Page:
Mississippi Legislature
Type
Type
HousesSenate
House of Representatives
Term limits
None
Leadership
Delbert Hosemann (R)
since January 9, 2020
Philip Gunn (R)
since January 3, 2012
Structure
Seats174
  • 52 senators
  • 122 representatives
Senate political groups
  •   Republican (36)
  •   Democratic (16)
House of Representatives political groups
Salary$23,500/year
+ $144 per diem[1]
Elections
Senate last election
November 5, 2019
November 5, 2019
Senate next election
November 7, 2023
November 7, 2023
RedistrictingLegislative control
Meeting place
Mississippi State Capitol
Jackson, Mississippi
United States
Website
www.legislature.ms.gov

The Mississippi Legislature is the state legislature of the U.S. state of Mississippi. The bicameral Legislature is composed of the lower Mississippi House of Representatives, with 122 members, and the upper Mississippi State Senate, with 52 members. Both representatives and senators serve four-year terms without term limits. The Legislature convenes at the Mississippi State Capitol in Jackson.

History

The Mississippi Legislature was created as the Mississippi General Assembly in 1800, when Mississippi was still a territory.[2] Starting in 1833, it became known as the Mississippi Legislature.[2]

Powers and process

This brick church was erected in Washington, Mississippi in 1816. The first Constitution of Mississippi was written and adopted here; the state's first legislature convened here in 1817. The preliminary treason trial of Vice President Aaron Burr occurred under some nearby oak trees.[3]
This brick church was erected in Washington, Mississippi in 1816. The first Constitution of Mississippi was written and adopted here; the state's first legislature convened here in 1817. The preliminary treason trial of Vice President Aaron Burr occurred under some nearby oak trees.[3]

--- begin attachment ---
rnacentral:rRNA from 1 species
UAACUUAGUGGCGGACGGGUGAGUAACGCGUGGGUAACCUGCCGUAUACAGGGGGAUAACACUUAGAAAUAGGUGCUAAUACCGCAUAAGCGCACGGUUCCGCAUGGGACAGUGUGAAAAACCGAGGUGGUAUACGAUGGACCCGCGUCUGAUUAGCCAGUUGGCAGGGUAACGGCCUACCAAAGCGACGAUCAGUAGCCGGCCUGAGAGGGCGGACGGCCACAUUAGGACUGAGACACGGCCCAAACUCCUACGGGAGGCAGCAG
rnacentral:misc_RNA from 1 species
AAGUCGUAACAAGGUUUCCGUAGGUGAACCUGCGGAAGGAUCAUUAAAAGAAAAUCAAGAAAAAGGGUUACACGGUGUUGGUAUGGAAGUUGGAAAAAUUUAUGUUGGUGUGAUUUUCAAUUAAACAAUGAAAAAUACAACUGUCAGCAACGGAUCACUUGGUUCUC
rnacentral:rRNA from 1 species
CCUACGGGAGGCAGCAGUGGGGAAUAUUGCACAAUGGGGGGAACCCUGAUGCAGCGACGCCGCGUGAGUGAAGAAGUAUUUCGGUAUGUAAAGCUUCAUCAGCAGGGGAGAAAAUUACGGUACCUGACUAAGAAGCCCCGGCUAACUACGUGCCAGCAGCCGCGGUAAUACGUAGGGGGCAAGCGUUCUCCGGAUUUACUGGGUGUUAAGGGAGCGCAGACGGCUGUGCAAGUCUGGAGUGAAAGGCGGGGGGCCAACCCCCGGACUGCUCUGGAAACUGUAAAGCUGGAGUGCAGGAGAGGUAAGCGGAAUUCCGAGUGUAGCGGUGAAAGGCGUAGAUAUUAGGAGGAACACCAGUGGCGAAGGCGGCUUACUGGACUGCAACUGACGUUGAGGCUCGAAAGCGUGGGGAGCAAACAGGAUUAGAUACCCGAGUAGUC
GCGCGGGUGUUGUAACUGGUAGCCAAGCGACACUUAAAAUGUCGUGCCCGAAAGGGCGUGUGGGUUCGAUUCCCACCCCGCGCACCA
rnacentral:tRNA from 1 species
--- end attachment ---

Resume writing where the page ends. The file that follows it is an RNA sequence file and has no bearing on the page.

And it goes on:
The Constitution of Mississippi gives the state legislature the authority to determine rules of its own proceedings, punish its members for disorderly behavior and expel a member with a two-thirds vote of the membership of his or her chamber.[4]

A bill may originate in either house, and be amended or rejected in the other, and must be read by its title on three different days in each house, unless two-thirds of the house dispenses with the rules.[4] The Mississippi Constitution prohibits amending a bill to change its original purpose.[4] Bills amended in the second house, must return for a vote to accept amendments.[4]

The Governor of Mississippi has the power to veto legislation, but legislators can override the veto with a two-thirds decision.

Membership

Members of the Mississippi House of Representatives are elected to four-year terms and Mississippi State Senators are also elected to four-year terms.

See also

Past sessions:

Notes

  1. ^ "2018 Legislator Compensation Information". NCSL.org. National Conference of State Legislators. Retrieved May 14, 2019.
  2. ^ a b Rowland, Dunbar (1908). The Official and Statistical Register of the State of Mississippi. Department of Archives and History. p. 272.
  3. ^ "Mississippi Pictorial History, 1798-1937". Mississippi Historical Research - W.P.A. Project. 1937.
  4. ^ a b c d Constitutional Provisions The Legislature And Legislation Rules of Procedure, Mississippi Legislature (accessed May 27, 2013)